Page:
Actor, comedian and Mr. D creator and star Gerry Dee swung by his alma mater yesterday, De La Salle College in Toronto, to address students about the merits of hard work, aspirations, boxing, and being Jim Carrey.
Dee isn't just a graduate of the school either, he actually taught there for a number of years. After doing his time hopping around as a substitute for a variety of Ontario schoolboards, Dee eventually landed a permanent job at De La Salle as a phys-ed teacher and hockey coach.
In 2003, Dee went on sabbatical and decided to take the proverbial plunge, trying his hand at comedy full-time. By 2007, he had secured himself a finalist spot on Last Comic Standing, which helped give him the confidence and clout he needed to approach the CBC with his idea for Mr. D.
While he admits Mr. D is somewhat fictionalized, the premises for the show are largely based on the early experiences he had teaching.
We had a chance to catch up with Gerry at De La Salle, where he spoke to students at length, offering some insight into the work and patience he had to put in as a teacher by day and comedian by night.
On his early days as a comic:
I'd drive to Kitchener and I'd do 5 minutes at a club there for nothing, and drive back [to school] and teach, and I was probably late... There were a lot of days when I doubted it, and wanted to give up, I'm glad I didn't.
On the first time he pitched Mr. D to the CBC:
I [first] took it to the CBC in '07, they quickly said "You know what it's not something we... you know..." That's how hard it is to even get someone to listen. And I went to another network and they passed. I went back to CBC after I did Last Coming Standing, I felt maybe I had a bit of a name, and CBC started the process in '08. So in '08 we shot the first episode of Mr. D, and it wasn't very good. And we handed the episode into the network, we were waiting to see if they would make it a series, and they didn't. I was devastated. In a twist of fate, they called me back, they said "We believe in you and we want to give you another chance", which doesn't happen a lot in television.
On the second time he pitched Mr. D to the CBC:
The second time around I learned a lot. I took over the writing, I wasn't going to let someone else write my story at that time. I said, "If I'm going to do this a second time I'm not going to let the failure of it fall on someone I hardly know." And I took over the writing myself, and we pitched the script and they passed, they didn't even want to shoot the pilot, and that's when I was devastated. Because now I felt the dream had ended. And it felt like, there's nothing worse than having a dream when you feel it's ended.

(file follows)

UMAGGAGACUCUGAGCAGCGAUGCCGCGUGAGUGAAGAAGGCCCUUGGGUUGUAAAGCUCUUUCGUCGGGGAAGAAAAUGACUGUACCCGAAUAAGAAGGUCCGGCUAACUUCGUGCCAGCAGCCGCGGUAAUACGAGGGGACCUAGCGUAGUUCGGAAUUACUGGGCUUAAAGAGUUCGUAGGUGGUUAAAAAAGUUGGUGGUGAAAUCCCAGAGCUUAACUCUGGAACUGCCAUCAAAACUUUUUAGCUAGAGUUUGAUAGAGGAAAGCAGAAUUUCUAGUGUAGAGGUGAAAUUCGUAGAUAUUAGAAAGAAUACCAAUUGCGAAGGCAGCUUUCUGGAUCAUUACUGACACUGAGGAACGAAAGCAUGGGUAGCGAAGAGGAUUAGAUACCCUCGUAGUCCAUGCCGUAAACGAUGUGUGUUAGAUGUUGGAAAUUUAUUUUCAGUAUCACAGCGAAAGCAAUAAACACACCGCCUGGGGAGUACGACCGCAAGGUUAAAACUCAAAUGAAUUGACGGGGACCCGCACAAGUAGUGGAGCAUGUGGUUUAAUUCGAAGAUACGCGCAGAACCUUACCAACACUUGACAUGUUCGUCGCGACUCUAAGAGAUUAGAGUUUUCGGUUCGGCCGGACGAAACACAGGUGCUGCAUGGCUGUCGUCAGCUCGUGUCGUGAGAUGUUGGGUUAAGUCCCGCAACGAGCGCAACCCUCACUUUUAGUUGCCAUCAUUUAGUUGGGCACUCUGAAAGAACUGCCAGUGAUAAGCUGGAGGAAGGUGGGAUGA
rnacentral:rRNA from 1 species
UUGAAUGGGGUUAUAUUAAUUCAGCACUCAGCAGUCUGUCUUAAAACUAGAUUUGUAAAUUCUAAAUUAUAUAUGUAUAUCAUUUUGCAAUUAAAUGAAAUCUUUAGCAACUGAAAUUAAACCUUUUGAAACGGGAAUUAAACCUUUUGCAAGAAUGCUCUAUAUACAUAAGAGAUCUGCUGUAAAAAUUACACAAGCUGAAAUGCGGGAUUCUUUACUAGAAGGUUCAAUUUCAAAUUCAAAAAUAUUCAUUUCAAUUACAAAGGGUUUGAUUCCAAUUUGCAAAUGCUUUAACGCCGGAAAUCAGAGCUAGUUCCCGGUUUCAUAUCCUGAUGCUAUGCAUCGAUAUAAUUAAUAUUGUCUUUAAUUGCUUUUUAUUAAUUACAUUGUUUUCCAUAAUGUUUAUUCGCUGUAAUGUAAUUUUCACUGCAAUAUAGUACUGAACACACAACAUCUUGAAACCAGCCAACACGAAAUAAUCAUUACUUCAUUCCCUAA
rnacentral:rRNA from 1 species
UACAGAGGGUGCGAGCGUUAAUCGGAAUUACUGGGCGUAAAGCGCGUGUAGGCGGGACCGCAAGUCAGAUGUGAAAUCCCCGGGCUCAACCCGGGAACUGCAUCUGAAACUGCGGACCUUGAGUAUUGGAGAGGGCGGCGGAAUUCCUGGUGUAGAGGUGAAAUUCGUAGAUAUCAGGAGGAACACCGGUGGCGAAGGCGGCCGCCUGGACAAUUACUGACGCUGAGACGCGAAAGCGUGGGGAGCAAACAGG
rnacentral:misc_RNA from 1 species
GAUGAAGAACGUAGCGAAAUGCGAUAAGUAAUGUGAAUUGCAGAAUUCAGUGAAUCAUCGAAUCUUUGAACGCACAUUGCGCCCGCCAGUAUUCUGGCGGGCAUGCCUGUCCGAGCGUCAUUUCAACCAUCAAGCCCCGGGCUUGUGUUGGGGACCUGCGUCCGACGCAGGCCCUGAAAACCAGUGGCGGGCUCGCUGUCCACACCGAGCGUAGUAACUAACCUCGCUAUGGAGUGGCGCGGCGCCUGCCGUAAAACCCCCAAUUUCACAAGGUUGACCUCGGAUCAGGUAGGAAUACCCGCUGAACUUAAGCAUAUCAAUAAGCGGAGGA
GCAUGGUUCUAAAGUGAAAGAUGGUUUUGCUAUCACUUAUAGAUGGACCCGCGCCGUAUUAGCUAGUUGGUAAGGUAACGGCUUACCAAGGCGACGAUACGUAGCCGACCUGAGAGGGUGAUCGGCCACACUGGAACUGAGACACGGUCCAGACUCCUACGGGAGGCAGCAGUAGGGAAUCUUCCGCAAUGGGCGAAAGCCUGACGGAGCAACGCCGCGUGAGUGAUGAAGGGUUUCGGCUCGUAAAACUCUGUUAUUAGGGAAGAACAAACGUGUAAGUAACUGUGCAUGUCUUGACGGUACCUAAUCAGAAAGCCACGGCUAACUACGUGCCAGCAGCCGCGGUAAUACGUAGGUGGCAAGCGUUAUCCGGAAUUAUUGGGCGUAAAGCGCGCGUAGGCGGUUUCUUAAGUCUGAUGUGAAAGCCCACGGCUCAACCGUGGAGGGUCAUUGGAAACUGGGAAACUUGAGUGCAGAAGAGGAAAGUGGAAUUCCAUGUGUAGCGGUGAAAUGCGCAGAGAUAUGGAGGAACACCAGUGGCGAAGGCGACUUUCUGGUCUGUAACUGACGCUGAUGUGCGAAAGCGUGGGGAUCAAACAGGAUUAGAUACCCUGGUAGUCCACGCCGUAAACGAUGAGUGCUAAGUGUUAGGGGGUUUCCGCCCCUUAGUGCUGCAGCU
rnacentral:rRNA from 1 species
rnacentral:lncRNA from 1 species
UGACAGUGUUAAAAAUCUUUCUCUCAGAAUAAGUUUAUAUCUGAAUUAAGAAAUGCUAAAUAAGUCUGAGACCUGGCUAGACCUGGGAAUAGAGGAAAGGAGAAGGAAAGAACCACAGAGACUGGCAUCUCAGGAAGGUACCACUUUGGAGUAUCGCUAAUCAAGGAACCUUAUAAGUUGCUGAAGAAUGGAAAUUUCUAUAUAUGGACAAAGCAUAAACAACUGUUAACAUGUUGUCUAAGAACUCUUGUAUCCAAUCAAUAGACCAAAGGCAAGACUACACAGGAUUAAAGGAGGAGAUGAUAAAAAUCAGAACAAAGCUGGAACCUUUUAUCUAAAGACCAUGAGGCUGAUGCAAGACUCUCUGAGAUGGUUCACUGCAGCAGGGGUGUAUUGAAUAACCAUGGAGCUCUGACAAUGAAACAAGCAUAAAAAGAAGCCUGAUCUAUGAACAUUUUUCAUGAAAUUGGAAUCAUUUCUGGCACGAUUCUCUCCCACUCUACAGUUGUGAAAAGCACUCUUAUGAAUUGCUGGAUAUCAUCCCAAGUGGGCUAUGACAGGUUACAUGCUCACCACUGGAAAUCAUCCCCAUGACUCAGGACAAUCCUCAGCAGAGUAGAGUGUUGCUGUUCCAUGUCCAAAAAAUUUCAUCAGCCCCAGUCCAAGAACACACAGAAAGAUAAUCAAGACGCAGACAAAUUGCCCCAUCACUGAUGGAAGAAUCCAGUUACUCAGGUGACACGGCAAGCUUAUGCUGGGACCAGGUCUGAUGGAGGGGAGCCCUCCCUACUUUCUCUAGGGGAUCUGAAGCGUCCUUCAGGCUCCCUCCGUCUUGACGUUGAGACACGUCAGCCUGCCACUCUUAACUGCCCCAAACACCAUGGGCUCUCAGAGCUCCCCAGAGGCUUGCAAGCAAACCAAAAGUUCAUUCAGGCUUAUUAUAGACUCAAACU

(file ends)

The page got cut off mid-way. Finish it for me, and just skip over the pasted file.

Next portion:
Dee goes onto explain that the CBC changed their minds shortly thereafter and greenlit the pilot. The rest is sitcom history.
On switching careers at 30:
I walked into [Yuk Yuk's founder] Mark Breslin's office at 30 years old, which is like trying to walk into an NHL team at 30 years old, it's no different, and saying, "I want to play in the NHL." And he looked at me and said, "What do you want to do, you're 30 years old, what do you want to get out of this?" And I said, whether it sounded egotistical or sounded vain, it wasn't my intention, but I said, "I want to be the next Jim Carrey." And what I meant was, that's how big I wanted to be. Now I don't want to be the next Jim Carrey, but I wanted to be that good, and that big.
On the Charity Boxing Match he set up at the school one year, which an upcoming episode of the show is based on:
We tried to decapitate each other. I think we're still suffering a bit from that fight... We didn't recover for a month... He got me in the jaw, I couldn't move my jaw, I was dazed, my thumb was sprained. We laugh to this day. Brother Dominic says Mason won. It was a split decision because he had the center of the ring more. But I don't agree with Brother Dominic or Mr. Mason because I pulled back a couple times, I have it on tape, so they can talk all they want. I felt sorry for him, he was curled up in this ball, in the corner..."
His advice to the students at De La Salle College:
If you have desires to do anything, there's no sprinting. It's a slow [grind] to get there. And you'll hear a lot of no's, like I did, you'll hear a lot of you can't do it, you'll hear a lot of people say you're not fast enough to play, you're not good enough to sing, whatever. If you think you can do it, just keep listening to yourself.